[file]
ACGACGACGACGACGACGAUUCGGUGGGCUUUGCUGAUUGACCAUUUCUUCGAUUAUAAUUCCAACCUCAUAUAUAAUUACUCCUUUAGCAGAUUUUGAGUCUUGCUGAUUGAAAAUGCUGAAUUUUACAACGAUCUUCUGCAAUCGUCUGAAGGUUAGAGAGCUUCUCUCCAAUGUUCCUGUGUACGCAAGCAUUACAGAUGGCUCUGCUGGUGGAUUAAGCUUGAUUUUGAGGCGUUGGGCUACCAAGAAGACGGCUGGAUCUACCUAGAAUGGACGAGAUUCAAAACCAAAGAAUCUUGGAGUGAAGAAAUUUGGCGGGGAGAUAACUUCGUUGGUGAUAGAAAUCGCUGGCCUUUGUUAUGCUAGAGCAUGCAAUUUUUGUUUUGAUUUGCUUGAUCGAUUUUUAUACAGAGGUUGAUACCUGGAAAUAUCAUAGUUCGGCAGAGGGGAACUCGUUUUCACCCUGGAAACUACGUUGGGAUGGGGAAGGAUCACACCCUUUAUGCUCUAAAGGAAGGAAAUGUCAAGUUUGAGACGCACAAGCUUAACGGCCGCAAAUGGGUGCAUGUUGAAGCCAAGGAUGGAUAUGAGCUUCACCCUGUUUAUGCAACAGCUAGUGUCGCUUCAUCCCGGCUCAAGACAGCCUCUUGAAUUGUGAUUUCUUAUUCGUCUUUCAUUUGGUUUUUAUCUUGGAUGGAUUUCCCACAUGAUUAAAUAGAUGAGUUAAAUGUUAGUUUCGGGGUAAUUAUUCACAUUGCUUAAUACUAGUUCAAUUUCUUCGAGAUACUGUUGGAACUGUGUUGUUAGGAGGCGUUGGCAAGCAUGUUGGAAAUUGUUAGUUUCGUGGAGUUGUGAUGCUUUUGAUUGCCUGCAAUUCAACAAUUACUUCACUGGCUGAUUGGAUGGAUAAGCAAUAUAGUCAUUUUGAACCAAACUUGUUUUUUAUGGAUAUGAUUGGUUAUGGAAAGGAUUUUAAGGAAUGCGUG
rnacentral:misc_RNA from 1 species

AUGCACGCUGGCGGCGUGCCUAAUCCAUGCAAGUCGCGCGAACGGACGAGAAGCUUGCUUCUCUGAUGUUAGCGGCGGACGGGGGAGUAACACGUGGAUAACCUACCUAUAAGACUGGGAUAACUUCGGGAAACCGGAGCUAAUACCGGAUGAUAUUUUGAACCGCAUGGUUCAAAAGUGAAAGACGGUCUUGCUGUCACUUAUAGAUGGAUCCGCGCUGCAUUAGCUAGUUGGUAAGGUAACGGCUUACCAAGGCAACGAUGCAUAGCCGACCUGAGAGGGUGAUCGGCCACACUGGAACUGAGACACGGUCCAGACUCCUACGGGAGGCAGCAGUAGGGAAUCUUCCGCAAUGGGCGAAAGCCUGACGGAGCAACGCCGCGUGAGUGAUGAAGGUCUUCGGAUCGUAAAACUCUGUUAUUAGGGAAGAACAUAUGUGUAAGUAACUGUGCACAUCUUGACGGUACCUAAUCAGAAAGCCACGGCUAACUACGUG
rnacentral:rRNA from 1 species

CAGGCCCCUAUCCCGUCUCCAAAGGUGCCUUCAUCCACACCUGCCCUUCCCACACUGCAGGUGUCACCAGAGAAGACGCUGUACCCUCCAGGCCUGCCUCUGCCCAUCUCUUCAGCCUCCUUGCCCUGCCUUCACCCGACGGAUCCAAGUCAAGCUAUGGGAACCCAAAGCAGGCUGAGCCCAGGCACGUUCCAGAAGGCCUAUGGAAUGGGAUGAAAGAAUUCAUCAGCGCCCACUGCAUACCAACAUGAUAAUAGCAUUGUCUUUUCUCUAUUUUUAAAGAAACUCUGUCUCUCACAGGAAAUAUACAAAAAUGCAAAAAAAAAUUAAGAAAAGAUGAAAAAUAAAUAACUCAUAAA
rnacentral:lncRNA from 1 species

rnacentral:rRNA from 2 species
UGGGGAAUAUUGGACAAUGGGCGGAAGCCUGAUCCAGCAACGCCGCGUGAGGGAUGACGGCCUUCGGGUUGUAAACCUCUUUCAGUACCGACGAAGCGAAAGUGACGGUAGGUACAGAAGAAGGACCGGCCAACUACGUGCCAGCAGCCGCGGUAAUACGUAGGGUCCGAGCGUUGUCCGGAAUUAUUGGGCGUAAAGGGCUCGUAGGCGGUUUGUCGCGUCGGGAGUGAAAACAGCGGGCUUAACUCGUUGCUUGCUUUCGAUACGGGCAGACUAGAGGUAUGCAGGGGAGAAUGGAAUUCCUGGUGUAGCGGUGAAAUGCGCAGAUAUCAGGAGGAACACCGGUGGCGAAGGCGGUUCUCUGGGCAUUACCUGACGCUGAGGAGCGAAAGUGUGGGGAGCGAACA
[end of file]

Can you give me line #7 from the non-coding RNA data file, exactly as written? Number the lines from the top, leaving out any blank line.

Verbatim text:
rnacentral:rRNA from 2 species